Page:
Bon Secours Sued Again for Failure to Provide Medical Records to Patients

Dispute Over Medical Records Continues


RICHMOND, Va., June 5, 2020 – Bon Secours Mercy Health, Inc. is being sued again over its failure to provide medical records to patients upon request. Bon Secours along with its partner, Ciox Health, Inc., is refusing to release medical records to patients unless payment is made first in violation of Virginia Code §8.01-413(B)(8). In the second lawsuit on this issue filed today in the Circuit Court for the City of Richmond, Bon Secours is alleged to have withheld medical records requested by patients unless payment was made to Ciox prior to the release of the records.

Virginia Code §8.01-413(B)(8) states: “Production of records or papers to the patient, or his attorney, requested pursuant to this section shall not be withheld or delayed solely on the grounds of nonpayment for such records or papers.” It is not clear at this time the basis upon which Bon Secours is refusing to release medical records to patients but it appears to be based in part on its relationship with Ciox. Ciox is involved in a long running dispute regarding rates they are able to charge a patient or the patient’s attorney for the production of medical records. Ciox contracts with Bon Secours and other healthcare providers across the country to produce medical records requested by patients and third-parties on behalf of patients. Because laws governing access to patients’ medical records vary from state to state, Ciox can often run afoul of state law while trying to maintain a national practice. In addition, because Ciox profits from the production of medical records as opposed to the healthcare providers with whom they contract, Ciox is incentivized to get as much money for the production of medical records as state law will allow regardless of the actual cost to produce the records. For example, it is believed that the actual cost for Ciox to produce medical records in electronic format is no more than $6.50. However, Ciox will then charge as much as hundreds of dollars (depending on the page amount) to provide those records to the patient or the patient’s attorney requesting the medical records.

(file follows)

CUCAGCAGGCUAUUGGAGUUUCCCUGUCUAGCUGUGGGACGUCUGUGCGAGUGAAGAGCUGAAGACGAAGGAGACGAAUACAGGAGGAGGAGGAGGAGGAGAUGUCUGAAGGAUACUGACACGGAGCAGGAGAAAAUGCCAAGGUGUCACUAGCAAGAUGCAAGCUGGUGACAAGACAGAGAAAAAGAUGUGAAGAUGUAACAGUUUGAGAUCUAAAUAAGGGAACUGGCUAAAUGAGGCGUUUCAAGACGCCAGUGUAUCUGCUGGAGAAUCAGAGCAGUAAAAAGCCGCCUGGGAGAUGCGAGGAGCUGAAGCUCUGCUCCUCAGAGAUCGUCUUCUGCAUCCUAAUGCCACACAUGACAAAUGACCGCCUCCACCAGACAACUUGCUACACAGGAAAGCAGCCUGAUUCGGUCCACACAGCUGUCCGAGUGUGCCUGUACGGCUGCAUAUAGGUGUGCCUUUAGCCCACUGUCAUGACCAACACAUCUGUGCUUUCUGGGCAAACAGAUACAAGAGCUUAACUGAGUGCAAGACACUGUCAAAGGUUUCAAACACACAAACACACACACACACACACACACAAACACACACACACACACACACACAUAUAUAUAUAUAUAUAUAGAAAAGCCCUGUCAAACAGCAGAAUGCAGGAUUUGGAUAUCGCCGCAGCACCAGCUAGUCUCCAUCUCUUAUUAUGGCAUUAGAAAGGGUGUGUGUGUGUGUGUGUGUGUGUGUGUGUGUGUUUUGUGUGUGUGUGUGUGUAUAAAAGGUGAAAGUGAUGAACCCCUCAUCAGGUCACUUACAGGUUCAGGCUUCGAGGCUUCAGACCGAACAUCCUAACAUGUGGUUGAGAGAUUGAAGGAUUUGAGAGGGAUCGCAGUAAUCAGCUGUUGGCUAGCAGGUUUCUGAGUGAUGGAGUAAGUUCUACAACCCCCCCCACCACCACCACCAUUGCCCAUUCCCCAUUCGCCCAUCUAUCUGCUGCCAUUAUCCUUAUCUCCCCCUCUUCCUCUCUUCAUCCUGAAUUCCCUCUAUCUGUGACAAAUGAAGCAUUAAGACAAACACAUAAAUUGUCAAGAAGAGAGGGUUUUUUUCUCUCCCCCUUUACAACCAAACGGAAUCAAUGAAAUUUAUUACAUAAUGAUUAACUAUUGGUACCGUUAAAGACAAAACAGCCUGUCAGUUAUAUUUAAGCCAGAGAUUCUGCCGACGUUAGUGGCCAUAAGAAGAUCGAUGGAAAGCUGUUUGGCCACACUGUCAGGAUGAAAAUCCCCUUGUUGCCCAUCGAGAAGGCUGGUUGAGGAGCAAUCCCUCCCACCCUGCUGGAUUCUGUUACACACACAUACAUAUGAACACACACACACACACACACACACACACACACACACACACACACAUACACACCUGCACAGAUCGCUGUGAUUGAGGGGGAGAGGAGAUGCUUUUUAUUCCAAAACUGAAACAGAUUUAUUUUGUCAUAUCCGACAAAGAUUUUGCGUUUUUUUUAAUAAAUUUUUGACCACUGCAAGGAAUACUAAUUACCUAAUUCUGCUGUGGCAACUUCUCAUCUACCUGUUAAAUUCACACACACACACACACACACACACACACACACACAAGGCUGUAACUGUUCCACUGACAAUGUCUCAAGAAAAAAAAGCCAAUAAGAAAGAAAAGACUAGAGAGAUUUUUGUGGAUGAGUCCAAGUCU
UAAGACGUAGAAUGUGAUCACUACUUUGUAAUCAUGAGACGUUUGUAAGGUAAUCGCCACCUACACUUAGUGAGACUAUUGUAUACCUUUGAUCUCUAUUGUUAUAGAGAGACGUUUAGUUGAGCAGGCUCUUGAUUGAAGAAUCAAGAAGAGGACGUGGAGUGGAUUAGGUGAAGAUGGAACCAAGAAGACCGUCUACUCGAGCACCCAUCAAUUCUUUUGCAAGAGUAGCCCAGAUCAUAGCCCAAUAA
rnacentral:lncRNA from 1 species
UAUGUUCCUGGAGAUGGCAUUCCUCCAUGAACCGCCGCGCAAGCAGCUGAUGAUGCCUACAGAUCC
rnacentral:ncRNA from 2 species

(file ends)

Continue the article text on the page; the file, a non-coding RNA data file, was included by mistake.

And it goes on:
It remains to be seen how this issue will be defended by Bon Secours but they have 21 days from today’s date to file a written response with the Court.

For more information, contact Horace F. Hunter, Esq. (804) 780-1235 or email [email protected].

SOURCE: Horace F. Hunter, Esq.

CONTACT: Horace F. Hunter, Esq., at  +1-804-780-1235

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